On March 13, Pope Francis told a Mexican television network he did not expect his role as Pope to last long. With regards to quantifying the remaining time, he was quoted saying it might last “four or five years.”
He believed God wants him to lead the Church for only a short time. To many this may not mean much, but to others, this is very meaningful, but why?
When I was little it was Pope John Paul II; I remember distinctly when he died. My Catholic grade school was buzzing about the new Pope and I struggled to understand why every TV picture focused on a chimney. When the white smoke came up, Pope Benedict XVI was elected. Once the excitement died down, the papacy was, for the most part, pushed to the back of my mind.
That is until 2013 when Benedict announced he was going to resign—something that hadn’t been done since Pope Gregory XII in 1415. It was a shock to many people; the Catholic Church is not necessarily known for deviating from tradition.
Pope Francis took the Holy See two years ago, in 2013. Since then the now 78-year-old leader of the Catholic Church has lead the papacy as one of action.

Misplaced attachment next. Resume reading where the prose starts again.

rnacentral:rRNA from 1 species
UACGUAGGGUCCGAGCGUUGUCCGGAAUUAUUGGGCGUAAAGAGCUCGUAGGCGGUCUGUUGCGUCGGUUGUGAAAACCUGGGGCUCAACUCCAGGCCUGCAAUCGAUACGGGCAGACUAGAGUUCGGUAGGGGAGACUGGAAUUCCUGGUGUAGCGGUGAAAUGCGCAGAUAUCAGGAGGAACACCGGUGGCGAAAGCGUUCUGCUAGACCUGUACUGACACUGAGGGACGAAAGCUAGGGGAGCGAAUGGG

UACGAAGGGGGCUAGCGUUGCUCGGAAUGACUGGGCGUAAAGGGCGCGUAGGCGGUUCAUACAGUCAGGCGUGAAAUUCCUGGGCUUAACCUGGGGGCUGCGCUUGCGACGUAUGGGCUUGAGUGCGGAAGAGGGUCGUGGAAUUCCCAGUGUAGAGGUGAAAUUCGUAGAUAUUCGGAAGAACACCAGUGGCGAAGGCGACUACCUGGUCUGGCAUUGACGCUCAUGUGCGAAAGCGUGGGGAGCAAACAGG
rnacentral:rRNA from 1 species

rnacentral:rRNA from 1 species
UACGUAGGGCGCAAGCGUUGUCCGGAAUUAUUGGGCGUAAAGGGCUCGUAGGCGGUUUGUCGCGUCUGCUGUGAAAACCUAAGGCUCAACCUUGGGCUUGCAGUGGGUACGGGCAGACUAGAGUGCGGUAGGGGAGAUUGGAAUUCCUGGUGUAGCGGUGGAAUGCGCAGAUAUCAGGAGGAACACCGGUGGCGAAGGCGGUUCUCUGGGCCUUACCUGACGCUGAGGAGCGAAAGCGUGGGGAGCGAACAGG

His words “Who am I to judge?” are a continual theme throughout his seemingly endless work with the forgotten and marginalized.
Popes can be seen as many things throughout history, but I love when they can be seen as a spectacular role model, and that’s what Francis is.
On Holy Thursday in 2013, not long after his election, Francis performed the feet-washing ritual—washing the feet of young inmates, including several women.
Typically, the service is composed of men. More recently this past Sunday, while in Naples, the pontiff openly denounced the mafia, dined with inmates and visited many who were transgender, gay and HIV positive.
Now don’t get me wrong, the Holy See is not without its historically ugly blemishes, but to see a pontiff reaching out to help those the world sometimes forgets about is a wonderful thing. Catholicism is not normally paralleled with open mindedness, but it is doing a world of good to have a leader practicing continual actions of unconditional love.
When it comes down to it, my religion is one of love and I hope people can see that. It doesn’t matter who you are or what you do or don’t do. “Who am I to judge?”
Francis has not explicitly said he will retire. His cryptic prediction of a short papacy is certainly saddening, though.
If it does come to fruition however, it may show how much good can be done in a short amount of time. Doing good in the world does not require an eternity.
We can be sure however and whenever the papacy is passed on, Francis will surely be missed.